Yes, I know this is me being butthurt about how casuals are ruining my super-hardcore games about AI AI AI I'M YOUR LITTLE BUTTERFLY, but it really is a little frustrating when Rock Band's success makes Konami release shit like Rock Revolution instead of GuitarFreaks/DrumMania.
Incidentally, even indie games like Frets on Fire and Phase Shift, are preoccupied with being like Rock Band, rather than on being good games in their own right.
The casual/hardcore division I think deserves discussion in itself, because it is something that has irked me about video gamers at large, particularly since I started becoming more "casual" due to university studies taking up a lot of my time. I don't know why it is so hard for a lot of gamers to comprehend that not everyone has hundreds of hours to devote to video games. Sure, I enjoy mastering my skills as much as the next gamer, but sometimes I just want to play something quick and easy to learn because I have other things to attend to.
I understand that. The problem isn't that some or even most games are appealing to "casual" gamers (I kind of don't like the term too, really), but within this particular genre, it seems like nearly all games are.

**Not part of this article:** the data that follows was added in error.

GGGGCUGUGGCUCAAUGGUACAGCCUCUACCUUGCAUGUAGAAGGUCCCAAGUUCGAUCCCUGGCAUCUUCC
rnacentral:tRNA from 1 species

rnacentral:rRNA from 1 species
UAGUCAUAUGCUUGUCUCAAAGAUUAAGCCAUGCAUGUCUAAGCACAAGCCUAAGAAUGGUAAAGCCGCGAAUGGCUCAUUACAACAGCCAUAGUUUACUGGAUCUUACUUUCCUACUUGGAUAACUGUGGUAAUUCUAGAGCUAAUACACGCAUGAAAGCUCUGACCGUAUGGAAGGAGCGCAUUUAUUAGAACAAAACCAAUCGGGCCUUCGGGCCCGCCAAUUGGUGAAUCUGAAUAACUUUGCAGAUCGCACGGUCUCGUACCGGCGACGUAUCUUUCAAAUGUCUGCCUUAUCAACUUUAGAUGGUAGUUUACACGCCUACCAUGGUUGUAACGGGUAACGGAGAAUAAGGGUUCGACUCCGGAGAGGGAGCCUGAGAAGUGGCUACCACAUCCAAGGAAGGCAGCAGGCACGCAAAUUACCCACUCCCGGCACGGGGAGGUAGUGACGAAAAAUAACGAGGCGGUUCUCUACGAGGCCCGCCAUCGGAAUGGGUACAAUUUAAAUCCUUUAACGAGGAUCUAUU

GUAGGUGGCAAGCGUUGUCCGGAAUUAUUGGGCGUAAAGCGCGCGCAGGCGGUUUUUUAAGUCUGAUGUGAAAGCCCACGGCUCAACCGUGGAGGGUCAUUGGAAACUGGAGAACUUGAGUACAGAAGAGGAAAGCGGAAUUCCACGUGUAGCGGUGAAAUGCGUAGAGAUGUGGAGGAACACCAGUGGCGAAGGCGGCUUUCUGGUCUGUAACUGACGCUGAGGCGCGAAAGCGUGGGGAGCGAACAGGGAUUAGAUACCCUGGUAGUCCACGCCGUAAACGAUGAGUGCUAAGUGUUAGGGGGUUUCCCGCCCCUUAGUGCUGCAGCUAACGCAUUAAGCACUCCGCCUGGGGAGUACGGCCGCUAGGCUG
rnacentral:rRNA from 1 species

I mean, it's ultimately not toooooooooo much of a problem, since there's always Stepmania and Osu! (and Phase Shift I guess), and there are PSP versions of Taiko and Pop'n and DJMax, so... But I was talking about commercially-released games in America/Europe/etc. anyway, so...
There's always BIT.TRIP for U.S. releases, though those games are more hybrid genre.
What's the proper way to do a VG Liveblog? I'm trying to write a draft for a Xenoblade Chronicles liveblog, and I wonder, should the first part be about explaining basic gameplay mechanics, or following along with the story first and explain different mechanics as I go along?
Don't just do an infodump of the game mechanics at the start. That would be... boring. Just explain them as they come up in the game, or something.
I certainly think that the casual/hardcore division is a confused concept right now. When it comes to a "hardcore" gamer, it seems to be based one the amount of time you put into games, what kind or diversity of games you play, or both. It can also be taken as an attitude towards games, although depending on who you ask, that might be "asshole" or it might be "analytical".